What are the intents or goals behind human interactions with image search engines? Knowing why people search for images is of major concern to Web image search engines because user satisfaction may vary as intent varies. Previous analyses of image search behavior have mostly been query-based, focusing on what images people search for, rather than intent-based, that is, why people search for images. To date, there is no thorough investigation of how different image search intents affect users' search behavior. In this paper, we address the following questions: (1) Why do people search for images in text-based Web image search systems? (2) How does image search behavior change with user intent? (3) Can we predict user intent effectively from interactions during the early stages of a search session? To this end, we conduct both a lab-based user study and a commercial search log analysis. We show that user intents in image search can be grouped into three classes: Explore/Learn, Entertain, and Locate/Acquire. Our lab-based user study reveals different user behavior patterns under these three intents, such as first click time, query reformulation, dwell time and mouse movement on the result page. Based on user interaction features during the early stages of an image search session, that is, before mouse scroll, we develop an intent classifier that is able to achieve promising results for classifying intents into our three intent classes. Given that all features can be obtained online and unobtrusively, the predicted intents can provide guidance for choosing ranking methods immediately after scrolling.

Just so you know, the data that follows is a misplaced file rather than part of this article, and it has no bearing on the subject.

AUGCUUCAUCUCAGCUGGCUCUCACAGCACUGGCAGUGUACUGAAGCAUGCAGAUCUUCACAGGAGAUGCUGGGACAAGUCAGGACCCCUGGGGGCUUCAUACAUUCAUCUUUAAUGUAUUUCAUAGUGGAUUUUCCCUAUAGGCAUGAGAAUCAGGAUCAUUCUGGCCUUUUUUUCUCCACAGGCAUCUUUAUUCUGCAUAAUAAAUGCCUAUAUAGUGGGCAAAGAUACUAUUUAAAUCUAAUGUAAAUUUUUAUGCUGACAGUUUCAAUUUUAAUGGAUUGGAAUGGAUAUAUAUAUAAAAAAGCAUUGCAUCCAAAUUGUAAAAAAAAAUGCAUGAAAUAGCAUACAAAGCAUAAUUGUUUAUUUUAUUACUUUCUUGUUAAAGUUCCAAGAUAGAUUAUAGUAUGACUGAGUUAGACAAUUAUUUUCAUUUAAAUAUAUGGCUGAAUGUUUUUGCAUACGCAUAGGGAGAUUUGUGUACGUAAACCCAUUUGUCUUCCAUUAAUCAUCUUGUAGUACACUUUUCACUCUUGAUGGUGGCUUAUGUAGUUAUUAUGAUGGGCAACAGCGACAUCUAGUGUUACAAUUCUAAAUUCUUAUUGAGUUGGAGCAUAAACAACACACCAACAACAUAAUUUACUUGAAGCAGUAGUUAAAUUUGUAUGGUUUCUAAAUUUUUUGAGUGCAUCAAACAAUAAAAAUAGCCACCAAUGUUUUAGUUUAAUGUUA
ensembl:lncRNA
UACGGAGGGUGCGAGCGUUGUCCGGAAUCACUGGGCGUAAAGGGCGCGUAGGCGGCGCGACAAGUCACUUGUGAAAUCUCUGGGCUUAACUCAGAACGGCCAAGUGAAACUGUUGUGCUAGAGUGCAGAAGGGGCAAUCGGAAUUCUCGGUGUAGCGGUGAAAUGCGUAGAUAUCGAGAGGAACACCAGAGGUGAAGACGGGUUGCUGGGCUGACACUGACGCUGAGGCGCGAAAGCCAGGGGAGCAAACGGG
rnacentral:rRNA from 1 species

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International Conference on Web Search and Data Mining
Centrum Wiskunde & Informatica, Amsterdam (CWI), The Netherlands

Xie, X., Liu, Y., de Rijke, M., He, J., Zhang, M., & Ma, S. (2018). Why people search for images using web search engines. In WSDM 2018 - Proceedings of the 11th ACM International Conference on Web Search and Data Mining (pp. 655–663). doi:10.1145/3159652.3159686